This news may concern parents whose children are short. Parents should be able to set aside their worries as the latest study from the University of Michigan Health claims that short children are no different than their taller counterparts when compared to their emotional or social well-being.
As per the research, short children are supposedly as popular, optimistic and have social support as their taller peers. Depressive symptoms or behavioral problems are not likely to be experienced by them.
Lee, a member of the Child Health Evaluation and Research (CHEAR) Unit at Mot commented “Our study can help reassure parents that children with short stature do just as well socially and emotionally as their taller peers.”
In the study, 712 boys and girls in the 6th grade were assessed, who were of short or normal height. On the U.S Centers for Disease Control growth charts, short height was defined if it was below 10 percentile. For instance, if a 10 year old child’s height was not 4 feet and 5 inches then he/she was considered short.
The study also asked the opinion of the teachers to find out if short children were as social and popular as compared to their taller counterparts. It was apparently found out that short people did very well on that front. Several other factors such as race, socioeconomic status and gender were also observed but the results supposedly remained the same. Identical social and emotional functioning was apparently seen in short children.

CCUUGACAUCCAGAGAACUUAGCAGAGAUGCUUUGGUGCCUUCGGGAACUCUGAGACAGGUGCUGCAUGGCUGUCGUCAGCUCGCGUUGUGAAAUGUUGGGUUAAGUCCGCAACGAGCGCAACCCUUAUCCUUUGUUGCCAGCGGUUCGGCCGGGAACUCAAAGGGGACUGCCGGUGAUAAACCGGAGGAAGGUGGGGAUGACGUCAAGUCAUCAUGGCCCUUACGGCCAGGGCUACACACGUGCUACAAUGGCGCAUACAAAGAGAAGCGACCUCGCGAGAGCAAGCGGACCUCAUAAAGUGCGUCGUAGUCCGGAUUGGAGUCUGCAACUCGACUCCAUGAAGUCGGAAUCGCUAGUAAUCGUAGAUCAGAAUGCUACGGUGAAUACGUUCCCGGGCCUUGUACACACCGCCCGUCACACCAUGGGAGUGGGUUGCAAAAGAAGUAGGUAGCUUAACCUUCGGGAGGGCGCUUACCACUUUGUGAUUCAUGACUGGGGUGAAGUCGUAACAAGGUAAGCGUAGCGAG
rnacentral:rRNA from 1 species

However the analysis appeared to be identical to previous studies showing that short people experience a lot of teasing and victimization. In spite of that, they do not seem to experience considerable psychosocial problems associated with their height.
The authors remarked “Teasing is common in childhood. However we speculate that short children who are called ‘midget’, ‘shrimp’, or ‘shorty’, by their peers may perceive this teasing in a personal way.”
Apparently pediatricians may have more data with them as parents worry about medical treatments that for the time being postpones growth. For instance, stimulant use for attention-deficit/hyperactivity disorder and inhaled corticosteroid use for asthma have occasionally been linked with small and temporary growth shortfalls.
Even though there is temporary decrease in growth which leads to short height, the pediatricians reassure the parents that it apparently does not have a major impact on the child’s quality of life.
Lee mentioned “Seeking specialty evaluation and treatment purely on the basis that a short child will be happier seems unwarranted. The best approach is reassuring them they are healthy and well.”
Apparently, from the time the growth hormone therapy has been approved by the U.S. Food and Drug Administration in 2003, pediatricians always have parents asking about hormone therapy for their short or even moderate height child.
This study would be published in the September issue of Pediatrics.